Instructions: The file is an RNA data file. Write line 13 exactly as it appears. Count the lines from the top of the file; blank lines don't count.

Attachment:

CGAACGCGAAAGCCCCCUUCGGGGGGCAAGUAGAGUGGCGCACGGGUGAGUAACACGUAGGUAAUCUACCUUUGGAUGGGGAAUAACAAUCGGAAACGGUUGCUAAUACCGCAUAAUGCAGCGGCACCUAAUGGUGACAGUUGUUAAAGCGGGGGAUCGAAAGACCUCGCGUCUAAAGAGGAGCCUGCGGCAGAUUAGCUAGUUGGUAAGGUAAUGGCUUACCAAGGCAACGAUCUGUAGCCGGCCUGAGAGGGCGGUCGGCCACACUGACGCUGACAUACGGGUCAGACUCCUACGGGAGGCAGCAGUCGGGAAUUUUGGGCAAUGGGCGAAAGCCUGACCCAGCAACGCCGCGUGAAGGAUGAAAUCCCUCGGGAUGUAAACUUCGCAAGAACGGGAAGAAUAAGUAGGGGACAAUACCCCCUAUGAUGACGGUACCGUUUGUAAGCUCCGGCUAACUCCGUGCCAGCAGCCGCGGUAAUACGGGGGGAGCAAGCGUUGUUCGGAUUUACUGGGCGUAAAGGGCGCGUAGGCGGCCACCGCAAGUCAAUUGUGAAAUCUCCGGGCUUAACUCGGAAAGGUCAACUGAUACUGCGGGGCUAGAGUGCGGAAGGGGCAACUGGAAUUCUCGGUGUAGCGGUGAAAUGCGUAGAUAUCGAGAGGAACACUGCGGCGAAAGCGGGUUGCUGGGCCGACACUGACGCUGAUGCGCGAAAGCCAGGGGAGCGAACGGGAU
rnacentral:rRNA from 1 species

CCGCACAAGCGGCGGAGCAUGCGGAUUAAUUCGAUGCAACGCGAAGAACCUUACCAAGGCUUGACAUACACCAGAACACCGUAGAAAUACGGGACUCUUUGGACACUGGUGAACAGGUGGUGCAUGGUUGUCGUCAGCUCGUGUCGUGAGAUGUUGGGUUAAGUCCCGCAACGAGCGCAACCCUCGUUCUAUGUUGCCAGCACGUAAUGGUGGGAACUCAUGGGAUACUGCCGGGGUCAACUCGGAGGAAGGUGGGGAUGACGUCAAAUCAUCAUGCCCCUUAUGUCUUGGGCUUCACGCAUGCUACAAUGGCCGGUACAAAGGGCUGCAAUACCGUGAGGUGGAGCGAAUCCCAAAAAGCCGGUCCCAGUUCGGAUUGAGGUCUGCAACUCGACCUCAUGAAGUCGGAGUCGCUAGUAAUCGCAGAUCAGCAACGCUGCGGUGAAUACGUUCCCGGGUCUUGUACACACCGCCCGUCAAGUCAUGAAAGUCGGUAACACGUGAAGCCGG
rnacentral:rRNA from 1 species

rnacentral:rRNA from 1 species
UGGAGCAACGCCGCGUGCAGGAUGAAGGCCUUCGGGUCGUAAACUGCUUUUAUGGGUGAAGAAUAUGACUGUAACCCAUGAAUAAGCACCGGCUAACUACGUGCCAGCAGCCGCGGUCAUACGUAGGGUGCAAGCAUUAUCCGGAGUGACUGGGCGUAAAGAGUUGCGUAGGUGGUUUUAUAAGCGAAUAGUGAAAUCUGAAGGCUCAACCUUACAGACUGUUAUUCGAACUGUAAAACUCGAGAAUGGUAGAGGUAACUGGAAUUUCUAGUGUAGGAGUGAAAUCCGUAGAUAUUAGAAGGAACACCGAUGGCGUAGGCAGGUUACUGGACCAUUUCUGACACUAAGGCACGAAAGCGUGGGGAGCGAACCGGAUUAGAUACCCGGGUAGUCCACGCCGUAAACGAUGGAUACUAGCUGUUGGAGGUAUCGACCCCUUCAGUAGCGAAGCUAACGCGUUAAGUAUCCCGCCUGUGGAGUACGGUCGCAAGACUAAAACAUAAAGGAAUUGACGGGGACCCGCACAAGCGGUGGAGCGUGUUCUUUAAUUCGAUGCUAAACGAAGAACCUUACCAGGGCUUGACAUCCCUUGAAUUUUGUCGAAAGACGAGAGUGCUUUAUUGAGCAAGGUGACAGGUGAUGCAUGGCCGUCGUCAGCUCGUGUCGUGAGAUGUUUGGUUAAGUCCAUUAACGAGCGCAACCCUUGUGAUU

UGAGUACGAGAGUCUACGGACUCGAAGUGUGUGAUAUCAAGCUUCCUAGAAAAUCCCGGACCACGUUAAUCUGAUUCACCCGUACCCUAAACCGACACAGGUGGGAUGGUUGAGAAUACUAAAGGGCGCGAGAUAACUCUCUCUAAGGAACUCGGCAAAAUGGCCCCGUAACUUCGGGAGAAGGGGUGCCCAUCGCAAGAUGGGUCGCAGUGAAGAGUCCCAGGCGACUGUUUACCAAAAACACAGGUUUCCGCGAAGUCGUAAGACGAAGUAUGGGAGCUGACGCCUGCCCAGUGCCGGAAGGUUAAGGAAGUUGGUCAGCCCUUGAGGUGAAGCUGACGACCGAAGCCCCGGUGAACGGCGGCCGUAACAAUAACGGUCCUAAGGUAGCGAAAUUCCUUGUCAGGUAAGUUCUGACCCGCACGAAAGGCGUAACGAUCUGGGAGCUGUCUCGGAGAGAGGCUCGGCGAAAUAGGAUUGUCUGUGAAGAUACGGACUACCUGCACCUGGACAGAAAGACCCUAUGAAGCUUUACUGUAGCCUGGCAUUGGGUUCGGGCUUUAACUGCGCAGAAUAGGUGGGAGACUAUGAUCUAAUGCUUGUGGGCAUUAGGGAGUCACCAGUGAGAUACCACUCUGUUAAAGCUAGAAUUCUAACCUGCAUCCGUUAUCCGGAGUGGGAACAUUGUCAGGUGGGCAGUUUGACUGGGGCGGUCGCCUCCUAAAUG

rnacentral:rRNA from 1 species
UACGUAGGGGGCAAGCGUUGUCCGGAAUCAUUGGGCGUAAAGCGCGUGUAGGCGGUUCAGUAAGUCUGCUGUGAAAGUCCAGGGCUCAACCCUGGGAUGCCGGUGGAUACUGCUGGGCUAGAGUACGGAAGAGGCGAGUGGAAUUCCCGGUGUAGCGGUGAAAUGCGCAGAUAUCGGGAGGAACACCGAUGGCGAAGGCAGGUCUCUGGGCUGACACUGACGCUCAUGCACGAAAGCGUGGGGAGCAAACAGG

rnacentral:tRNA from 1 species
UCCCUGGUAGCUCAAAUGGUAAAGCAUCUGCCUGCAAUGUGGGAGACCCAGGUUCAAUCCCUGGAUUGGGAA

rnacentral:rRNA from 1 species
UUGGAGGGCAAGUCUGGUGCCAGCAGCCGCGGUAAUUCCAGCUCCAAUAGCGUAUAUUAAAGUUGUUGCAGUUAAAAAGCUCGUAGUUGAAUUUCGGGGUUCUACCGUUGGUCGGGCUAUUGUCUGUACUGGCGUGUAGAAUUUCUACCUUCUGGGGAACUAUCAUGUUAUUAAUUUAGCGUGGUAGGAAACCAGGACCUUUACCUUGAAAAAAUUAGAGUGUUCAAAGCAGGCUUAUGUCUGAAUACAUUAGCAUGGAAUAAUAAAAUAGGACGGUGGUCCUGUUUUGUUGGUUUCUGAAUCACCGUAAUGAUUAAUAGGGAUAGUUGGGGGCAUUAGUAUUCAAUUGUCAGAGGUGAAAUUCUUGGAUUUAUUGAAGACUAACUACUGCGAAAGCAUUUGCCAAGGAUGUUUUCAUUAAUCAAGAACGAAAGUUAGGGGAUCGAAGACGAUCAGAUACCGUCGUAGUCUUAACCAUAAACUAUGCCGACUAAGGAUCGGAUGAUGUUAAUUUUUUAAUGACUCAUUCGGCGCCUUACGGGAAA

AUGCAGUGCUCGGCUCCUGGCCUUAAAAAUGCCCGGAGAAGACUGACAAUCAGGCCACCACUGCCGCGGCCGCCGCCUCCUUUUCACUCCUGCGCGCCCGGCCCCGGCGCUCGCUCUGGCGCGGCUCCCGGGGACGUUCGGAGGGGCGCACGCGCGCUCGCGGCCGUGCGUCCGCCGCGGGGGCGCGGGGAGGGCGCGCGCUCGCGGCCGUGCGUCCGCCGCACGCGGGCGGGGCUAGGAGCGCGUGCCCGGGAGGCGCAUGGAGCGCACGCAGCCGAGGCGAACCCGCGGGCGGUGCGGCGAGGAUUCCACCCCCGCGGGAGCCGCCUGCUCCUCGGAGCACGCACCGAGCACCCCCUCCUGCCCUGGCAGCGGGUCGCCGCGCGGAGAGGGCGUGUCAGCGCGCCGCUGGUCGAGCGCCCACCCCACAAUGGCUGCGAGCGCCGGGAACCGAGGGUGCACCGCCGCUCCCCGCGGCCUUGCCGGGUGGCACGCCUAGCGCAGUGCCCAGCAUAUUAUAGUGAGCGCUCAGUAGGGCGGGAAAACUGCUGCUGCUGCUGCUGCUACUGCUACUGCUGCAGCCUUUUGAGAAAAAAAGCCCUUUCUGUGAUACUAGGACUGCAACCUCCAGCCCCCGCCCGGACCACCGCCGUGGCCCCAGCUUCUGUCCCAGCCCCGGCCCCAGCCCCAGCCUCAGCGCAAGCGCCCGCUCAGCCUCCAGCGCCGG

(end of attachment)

UUGGAGGGCAAGUCUGGUGCCAGCAGCCGCGGUAAUUCCAGCUCCAAUAGCGUAUAUUAAAGUUGUUGCAGUUAAAAAGCUCGUAGUUGAAUUUCGGGGUUCUACCGUUGGUCGGGCUAUUGUCUGUACUGGCGUGUAGAAUUUCUACCUUCUGGGGAACUAUCAUGUUAUUAAUUUAGCGUGGUAGGAAACCAGGACCUUUACCUUGAAAAAAUUAGAGUGUUCAAAGCAGGCUUAUGUCUGAAUACAUUAGCAUGGAAUAAUAAAAUAGGACGGUGGUCCUGUUUUGUUGGUUUCUGAAUCACCGUAAUGAUUAAUAGGGAUAGUUGGGGGCAUUAGUAUUCAAUUGUCAGAGGUGAAAUUCUUGGAUUUAUUGAAGACUAACUACUGCGAAAGCAUUUGCCAAGGAUGUUUUCAUUAAUCAAGAACGAAAGUUAGGGGAUCGAAGACGAUCAGAUACCGUCGUAGUCUUAACCAUAAACUAUGCCGACUAAGGAUCGGAUGAUGUUAAUUUUUUAAUGACUCAUUCGGCGCCUUACGGGAAA